M/s SPS Engineering Limited, 301-310, Navketan, Central Avenue, Chembur, Mumbai–400 071.
3. The decision to place the petitioner (SPSEL) on the “Holiday List” is challenged on the grounds that:-

a) this decision is violative of the principles of natural justice in so far as no personal hearing was granted to SPSEL despite the categorical and clear request made by it in its reply dated 28.01.2003;
b) the impugned order dated 10.04.2003 as well as the purported report of the said Committee dated 09.04.2003 does not give any reasons for arriving at the conclusions that the petitioner had committed breach of contract, failed to perform the contract, abandoned the site of the contract and had sub-contracted the job; and
c) all the issues on which the committee and IOCL has come to a premature conclusion are yet to be adjudicated upon by the arbitrator before whom the disputes of the petitioner in their entirety are pending as indicated by the order of this Court dated 17.03.2003 in AA No.35.2003.
5. On behalf of the respondents (IOCL), it was contended that there was no violation of any principle of natural justice. It has been argued that all that is required is that an opportunity of hearing be given. It is not at all necessary to grant a personal hearing. The requirement of hearing would be completely met if a show cause notice is issued and an opportunity to reply to the show cause notice is granted, a reply is received Along with the documents and a decision is taken considering the reply and documents submitted. Reliance was placed by the learned counsel on the decision of the Supreme Court in the case of Grosons Pharmaceuticals (P) Ltd v. State of U.P. : . He also referred to the discussion at Page 441 of the 5th Edition of the well-known book entitled ” Administrative Law” by H.W.R. Wade. All these references were made in the context of the argument that a personal hearing is not necessary in all the cases and that even where a personal hearing is not granted but, an opportunity is given all the same to reply to the allegations against a party, then that party cannot make a grievance that the principle of “audi alteram partem” has not been complied with.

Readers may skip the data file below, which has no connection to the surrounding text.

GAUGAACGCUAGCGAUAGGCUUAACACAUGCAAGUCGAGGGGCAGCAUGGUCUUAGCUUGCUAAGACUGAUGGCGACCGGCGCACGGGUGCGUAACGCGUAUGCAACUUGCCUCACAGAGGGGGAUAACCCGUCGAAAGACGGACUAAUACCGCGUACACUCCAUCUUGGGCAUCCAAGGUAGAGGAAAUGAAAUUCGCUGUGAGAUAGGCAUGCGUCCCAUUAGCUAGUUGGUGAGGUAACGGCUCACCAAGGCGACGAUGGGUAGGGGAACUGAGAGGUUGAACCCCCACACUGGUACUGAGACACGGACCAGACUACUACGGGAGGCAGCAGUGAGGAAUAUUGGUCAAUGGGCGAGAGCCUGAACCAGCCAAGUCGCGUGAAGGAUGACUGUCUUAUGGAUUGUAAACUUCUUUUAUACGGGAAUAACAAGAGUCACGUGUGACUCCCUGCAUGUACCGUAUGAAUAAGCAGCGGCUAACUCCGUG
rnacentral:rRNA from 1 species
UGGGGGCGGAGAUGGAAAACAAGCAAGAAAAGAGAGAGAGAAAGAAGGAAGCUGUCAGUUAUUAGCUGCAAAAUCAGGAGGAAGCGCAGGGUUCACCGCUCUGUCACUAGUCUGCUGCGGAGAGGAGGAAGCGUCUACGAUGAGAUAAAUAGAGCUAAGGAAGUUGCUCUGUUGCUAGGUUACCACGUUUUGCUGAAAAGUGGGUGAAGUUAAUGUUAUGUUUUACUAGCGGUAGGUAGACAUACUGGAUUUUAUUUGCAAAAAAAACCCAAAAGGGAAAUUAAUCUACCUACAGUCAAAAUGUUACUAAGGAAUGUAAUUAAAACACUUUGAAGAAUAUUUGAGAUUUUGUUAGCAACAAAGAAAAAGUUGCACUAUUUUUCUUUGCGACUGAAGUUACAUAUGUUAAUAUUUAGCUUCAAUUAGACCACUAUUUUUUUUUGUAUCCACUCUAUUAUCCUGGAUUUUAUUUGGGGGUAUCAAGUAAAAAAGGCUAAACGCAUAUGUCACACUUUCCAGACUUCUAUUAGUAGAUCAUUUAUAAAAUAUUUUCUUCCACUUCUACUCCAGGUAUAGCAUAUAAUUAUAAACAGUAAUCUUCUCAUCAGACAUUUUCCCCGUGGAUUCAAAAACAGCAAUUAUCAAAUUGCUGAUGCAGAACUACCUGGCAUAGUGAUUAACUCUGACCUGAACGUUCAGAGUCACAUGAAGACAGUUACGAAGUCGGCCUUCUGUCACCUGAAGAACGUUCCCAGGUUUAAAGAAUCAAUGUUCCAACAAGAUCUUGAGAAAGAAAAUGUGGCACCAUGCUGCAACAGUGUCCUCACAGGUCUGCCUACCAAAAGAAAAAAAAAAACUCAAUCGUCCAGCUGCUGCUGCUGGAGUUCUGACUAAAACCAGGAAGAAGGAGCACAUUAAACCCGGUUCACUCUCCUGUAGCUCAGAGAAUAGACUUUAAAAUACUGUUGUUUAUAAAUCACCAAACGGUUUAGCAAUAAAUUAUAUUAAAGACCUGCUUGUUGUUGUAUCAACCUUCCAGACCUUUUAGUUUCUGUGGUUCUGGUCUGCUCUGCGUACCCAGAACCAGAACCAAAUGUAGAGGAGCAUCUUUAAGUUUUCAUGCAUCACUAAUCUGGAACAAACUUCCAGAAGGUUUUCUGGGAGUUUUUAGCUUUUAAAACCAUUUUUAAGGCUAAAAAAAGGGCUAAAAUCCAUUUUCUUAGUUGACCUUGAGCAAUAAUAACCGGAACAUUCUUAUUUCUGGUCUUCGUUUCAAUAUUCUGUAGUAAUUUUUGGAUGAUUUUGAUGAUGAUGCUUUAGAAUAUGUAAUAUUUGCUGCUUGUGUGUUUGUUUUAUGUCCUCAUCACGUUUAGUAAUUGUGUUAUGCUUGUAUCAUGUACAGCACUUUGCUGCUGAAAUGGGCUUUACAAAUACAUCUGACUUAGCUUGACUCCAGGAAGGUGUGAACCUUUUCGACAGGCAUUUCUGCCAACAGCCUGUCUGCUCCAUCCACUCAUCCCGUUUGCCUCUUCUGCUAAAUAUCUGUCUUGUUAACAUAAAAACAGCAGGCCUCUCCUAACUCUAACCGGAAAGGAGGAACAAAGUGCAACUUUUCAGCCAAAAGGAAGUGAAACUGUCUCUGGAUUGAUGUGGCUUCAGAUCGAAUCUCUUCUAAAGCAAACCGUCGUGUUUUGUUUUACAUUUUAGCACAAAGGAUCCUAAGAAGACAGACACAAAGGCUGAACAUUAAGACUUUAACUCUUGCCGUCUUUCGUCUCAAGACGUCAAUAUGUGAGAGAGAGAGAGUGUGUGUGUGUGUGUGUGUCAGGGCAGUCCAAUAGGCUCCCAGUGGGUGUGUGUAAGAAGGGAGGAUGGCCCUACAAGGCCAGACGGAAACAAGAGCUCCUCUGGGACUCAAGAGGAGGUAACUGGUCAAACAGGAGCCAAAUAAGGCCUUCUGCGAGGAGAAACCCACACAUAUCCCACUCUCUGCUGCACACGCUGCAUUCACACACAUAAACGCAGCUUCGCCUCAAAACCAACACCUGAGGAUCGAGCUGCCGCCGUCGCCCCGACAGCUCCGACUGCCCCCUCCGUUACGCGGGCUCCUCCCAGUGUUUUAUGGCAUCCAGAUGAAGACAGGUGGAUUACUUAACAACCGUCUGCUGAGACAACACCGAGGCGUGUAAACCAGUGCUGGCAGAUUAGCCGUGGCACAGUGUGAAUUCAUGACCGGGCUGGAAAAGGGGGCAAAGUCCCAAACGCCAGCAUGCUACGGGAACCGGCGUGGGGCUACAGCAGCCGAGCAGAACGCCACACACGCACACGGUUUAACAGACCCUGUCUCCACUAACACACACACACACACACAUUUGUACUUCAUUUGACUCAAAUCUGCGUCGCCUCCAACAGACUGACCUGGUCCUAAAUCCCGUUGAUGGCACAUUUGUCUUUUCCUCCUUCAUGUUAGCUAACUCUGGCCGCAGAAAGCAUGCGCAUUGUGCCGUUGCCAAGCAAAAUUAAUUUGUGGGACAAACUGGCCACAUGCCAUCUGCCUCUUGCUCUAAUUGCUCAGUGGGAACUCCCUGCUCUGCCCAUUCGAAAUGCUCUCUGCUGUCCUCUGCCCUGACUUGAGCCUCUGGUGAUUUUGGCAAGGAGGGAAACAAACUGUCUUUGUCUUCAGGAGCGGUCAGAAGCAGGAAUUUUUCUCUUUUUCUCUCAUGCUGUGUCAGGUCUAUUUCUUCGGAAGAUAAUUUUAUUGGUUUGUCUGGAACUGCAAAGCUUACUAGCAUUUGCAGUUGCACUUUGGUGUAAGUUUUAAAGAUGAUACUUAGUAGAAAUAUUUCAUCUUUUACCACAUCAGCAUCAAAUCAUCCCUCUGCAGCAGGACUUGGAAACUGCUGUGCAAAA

6. I shall now examine the law on the issue of personal hearing.

(Sic)y on executive function by making a law or without making a law. The exercise of such powers and functions in trade by the State is subject to Part III of the Constitution. Article 14 speaks of equality before the law and equal protection of the laws. Equality of opportunity should apply to matters of public contracts. The State has the right to trade. The State has the duty to observe equality. An ordinary individual can choose not to deal with any person. The Government cannot choose to exclude persons by discrimination. The order of blacklisting has the effect of depriving a person of equality of opportunity in the matter of public contract. A person who is on the approved list is unable to enter into advantageous relations with the Government because of the order of blacklisting. A person who has been dealing with the Government in the matter of sale and purchase of materials has a legitimate interest or expectation. When the State acts to the prejudice of a person it has to be supported by legal (underlining added) 6.2 In Raghunath Thakur (supra), the Supreme Court held as under (paragraph 4) :-

l consequence for the future business of the person concerned in any event. Even if the rules do not express so, it is an elementary principle of natural justice that parties affected by any order should have right of being heard and making representation 6.3 In the case of Canara Bank (supra) the Supreme Court held (at page 569):-
Justice is based substantially on natural ideals and human values. The administration of justice is to be freed from the narrow and restricted considerations which are usually associated with a formulated law involving linguistic technicalities and gramm 6.4 Thus, before a person is blacklisted or put on a “Holiday List”, natural justice requires that such person be given an opportunity to place his case or to meet the charges against him. The said opportunity need not necessarily be by personal hearing.